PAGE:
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The Fernsehturm (Television Tower) is undoubtedly one of the greatest symbols of Berlin. Easily sighted from almost every corner of the city, the tower is awarded with the title of the highest building in Germany. Its history begins at the time the Wall still divided the city and is located on Alexanderplatz, one of the most important squares in Berlin.

fernIts construction began in 1965, designed by the architects Hermann Henselmann, Jörg Streitparth, Fritz Dieter, Günter Franke and Werner Ahrendt, and was completed in 1969. The Tower, whose function is to provide a broadcast signal, was used as a demonstration Of power and modernity by the government of the German Democratic Republic (GDR).

For decades, the Tower also served as a symbol for the socialism in the East German government. The sphere of the TV Tower was designed in metallic color to show similarity to the Sputnik satellite, thus representing the technological superiority of the socialist countries at that time. Nowadays, the tower is a unique landmark of the new Berlin, symbolizing the new center of a reunited Germany.

For those who like the heights, it is possible to go up the Tower that is 368 meters high, considered the fourth largest structure without supports in Europe. The visitor’s platform is at a height of about 204 meters, and the visibility can reach, on clear days, up to 42 kilometers. An exceptional panoramic view will bring you the right idea of the dimensions of the city. Te ascension takes 40 seconds with the help of either of the two elevators, since there is no option of stairs.

Fernsehturm has also a very particular rotating restaurant. The restaurant, which completes a turn once every twenty minutes, is just some meters above the visitors’ platform. No doubt, a spectacular experience! The prices are very reasonable, when you mind the splendid opportunity of being in a place with this.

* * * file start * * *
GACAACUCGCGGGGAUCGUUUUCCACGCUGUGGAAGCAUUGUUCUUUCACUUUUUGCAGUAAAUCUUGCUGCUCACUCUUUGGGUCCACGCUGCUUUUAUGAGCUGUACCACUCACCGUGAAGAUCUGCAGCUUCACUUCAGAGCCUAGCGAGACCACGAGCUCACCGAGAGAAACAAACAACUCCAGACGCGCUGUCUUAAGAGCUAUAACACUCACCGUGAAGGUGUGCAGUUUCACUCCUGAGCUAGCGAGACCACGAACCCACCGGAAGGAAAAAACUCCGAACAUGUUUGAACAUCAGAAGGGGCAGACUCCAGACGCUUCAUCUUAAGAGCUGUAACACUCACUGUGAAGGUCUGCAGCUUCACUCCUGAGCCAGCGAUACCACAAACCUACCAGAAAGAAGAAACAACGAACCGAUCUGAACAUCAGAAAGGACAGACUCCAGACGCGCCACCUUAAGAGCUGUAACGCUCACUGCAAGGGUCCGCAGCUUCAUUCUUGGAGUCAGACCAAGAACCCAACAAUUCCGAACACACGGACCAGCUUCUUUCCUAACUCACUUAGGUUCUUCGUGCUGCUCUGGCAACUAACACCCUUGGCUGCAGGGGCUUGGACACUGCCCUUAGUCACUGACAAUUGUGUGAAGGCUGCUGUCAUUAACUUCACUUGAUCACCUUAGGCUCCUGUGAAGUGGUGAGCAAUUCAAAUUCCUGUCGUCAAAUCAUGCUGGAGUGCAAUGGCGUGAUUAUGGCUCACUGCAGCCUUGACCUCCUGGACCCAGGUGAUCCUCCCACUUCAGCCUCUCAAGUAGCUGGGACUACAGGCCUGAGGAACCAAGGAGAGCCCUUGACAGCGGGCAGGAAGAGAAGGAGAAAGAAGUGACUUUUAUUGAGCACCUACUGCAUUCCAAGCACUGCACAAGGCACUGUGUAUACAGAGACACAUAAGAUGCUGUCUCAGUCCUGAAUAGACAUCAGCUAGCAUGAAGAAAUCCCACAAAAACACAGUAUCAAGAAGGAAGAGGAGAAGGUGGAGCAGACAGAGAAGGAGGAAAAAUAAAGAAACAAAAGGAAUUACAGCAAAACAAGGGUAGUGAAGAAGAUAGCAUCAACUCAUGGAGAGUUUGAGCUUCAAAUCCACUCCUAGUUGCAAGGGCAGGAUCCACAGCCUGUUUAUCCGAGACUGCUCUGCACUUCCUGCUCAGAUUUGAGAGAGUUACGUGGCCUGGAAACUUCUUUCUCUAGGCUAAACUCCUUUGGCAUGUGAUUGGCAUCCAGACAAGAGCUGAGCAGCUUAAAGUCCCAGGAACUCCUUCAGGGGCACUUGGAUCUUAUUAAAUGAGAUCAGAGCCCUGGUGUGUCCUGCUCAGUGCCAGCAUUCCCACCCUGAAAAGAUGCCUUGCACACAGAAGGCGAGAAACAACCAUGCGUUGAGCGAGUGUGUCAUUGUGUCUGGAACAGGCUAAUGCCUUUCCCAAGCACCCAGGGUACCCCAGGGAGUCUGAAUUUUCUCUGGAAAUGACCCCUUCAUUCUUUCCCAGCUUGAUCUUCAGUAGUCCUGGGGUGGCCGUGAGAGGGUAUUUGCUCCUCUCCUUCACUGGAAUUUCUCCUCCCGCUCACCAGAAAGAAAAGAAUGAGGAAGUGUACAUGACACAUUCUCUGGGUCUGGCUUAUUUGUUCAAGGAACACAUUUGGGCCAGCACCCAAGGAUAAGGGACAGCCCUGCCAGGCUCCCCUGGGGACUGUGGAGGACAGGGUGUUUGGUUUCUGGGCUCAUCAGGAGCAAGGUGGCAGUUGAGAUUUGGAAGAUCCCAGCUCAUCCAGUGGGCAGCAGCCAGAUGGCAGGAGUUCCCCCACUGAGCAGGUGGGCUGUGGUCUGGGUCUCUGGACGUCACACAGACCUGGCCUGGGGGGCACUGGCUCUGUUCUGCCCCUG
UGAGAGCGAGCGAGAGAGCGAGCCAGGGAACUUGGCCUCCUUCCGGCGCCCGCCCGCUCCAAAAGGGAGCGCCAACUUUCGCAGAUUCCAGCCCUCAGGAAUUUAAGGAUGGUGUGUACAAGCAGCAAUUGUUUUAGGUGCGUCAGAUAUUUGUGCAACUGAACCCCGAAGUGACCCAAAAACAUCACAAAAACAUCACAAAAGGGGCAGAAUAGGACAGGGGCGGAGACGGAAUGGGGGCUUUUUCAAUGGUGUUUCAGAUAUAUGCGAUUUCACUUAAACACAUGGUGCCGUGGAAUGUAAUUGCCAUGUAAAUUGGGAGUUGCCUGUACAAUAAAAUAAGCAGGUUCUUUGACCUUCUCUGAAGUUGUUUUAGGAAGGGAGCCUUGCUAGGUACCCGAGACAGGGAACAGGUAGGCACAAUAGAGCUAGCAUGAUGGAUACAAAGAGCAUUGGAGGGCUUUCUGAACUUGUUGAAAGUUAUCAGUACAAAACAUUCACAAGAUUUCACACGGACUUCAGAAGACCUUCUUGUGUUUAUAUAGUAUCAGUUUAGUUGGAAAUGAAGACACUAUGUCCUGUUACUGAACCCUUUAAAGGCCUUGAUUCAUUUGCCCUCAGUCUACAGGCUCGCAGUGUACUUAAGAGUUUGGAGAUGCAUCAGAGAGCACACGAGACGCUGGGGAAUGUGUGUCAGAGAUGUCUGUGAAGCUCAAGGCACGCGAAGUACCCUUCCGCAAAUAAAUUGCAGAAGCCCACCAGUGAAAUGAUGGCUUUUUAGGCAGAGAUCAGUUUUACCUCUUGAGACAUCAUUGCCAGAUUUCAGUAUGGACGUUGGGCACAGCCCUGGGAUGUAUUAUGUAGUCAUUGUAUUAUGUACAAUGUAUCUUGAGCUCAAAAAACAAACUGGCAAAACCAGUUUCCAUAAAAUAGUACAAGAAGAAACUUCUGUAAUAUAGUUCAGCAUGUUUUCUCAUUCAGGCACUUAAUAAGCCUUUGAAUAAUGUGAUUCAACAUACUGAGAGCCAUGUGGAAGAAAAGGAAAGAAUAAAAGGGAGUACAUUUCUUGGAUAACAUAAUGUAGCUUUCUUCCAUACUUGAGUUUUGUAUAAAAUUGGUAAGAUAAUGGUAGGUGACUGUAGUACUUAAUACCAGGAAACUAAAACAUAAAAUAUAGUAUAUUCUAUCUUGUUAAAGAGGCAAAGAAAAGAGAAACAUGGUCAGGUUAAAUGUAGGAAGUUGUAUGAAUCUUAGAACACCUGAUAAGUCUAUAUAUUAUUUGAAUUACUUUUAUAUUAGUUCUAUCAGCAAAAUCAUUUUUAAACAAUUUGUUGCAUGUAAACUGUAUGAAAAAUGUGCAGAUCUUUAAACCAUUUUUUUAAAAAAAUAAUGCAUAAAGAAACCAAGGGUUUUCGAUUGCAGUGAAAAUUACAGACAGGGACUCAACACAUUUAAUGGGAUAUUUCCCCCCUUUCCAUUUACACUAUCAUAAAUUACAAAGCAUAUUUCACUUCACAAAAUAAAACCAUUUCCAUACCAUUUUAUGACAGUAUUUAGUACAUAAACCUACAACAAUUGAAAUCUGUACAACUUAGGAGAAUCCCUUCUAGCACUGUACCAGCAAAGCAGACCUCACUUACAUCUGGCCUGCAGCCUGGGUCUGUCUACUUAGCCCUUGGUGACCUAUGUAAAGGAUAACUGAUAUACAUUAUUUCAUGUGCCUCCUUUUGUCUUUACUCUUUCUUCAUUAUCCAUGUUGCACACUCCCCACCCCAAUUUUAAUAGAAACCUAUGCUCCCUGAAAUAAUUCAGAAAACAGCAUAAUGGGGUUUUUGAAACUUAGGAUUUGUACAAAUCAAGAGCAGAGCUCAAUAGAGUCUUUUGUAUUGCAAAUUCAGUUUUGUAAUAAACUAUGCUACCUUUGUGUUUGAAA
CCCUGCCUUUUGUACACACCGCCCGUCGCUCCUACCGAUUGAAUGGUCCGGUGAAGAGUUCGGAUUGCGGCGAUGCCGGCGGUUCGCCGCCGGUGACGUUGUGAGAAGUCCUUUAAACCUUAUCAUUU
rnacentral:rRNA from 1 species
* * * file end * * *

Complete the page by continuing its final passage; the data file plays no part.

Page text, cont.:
The red and white antenna mast forms the final section of the TV Tower. The 118 meter high mast is easily hidden by the clouds and haze that persists in settling in Berlin between the months of October and March. More than 60 radio and television programs are broadcast by the Tower. A minority of radio programs are still transmitted by the analog method, while the other programs are already broadcast digitally.

A curious fact that involves the Tower is that when the sun shines on the stainless steel dome cover, a cross appears as a reflection. This effect, so far as is known, was neither predicted nor desired in the design of the structure. With this, the Berliners began to call the luminous cross of Die Rache des Papstes (in German: “the revenge of the Pope”), thus ironing the socialist government of the former East Germany, that officially promoted atheism and repressed the religious institutions of the country .

To get to the Tower, you can use the subway U-Bahn: lines U2, U5 and U8 at station S+U Alexanderplatz; train S-Bahn: lines S5, S7 and S75 at station S+U Alexanderplatz; and buses: lines 100, 200 and TXL, stop at S+U Alexanderplatz/Memhardstr.

The Tower is daily open to visit. Avoid queues and purchase your tickets in advance by clicking here.

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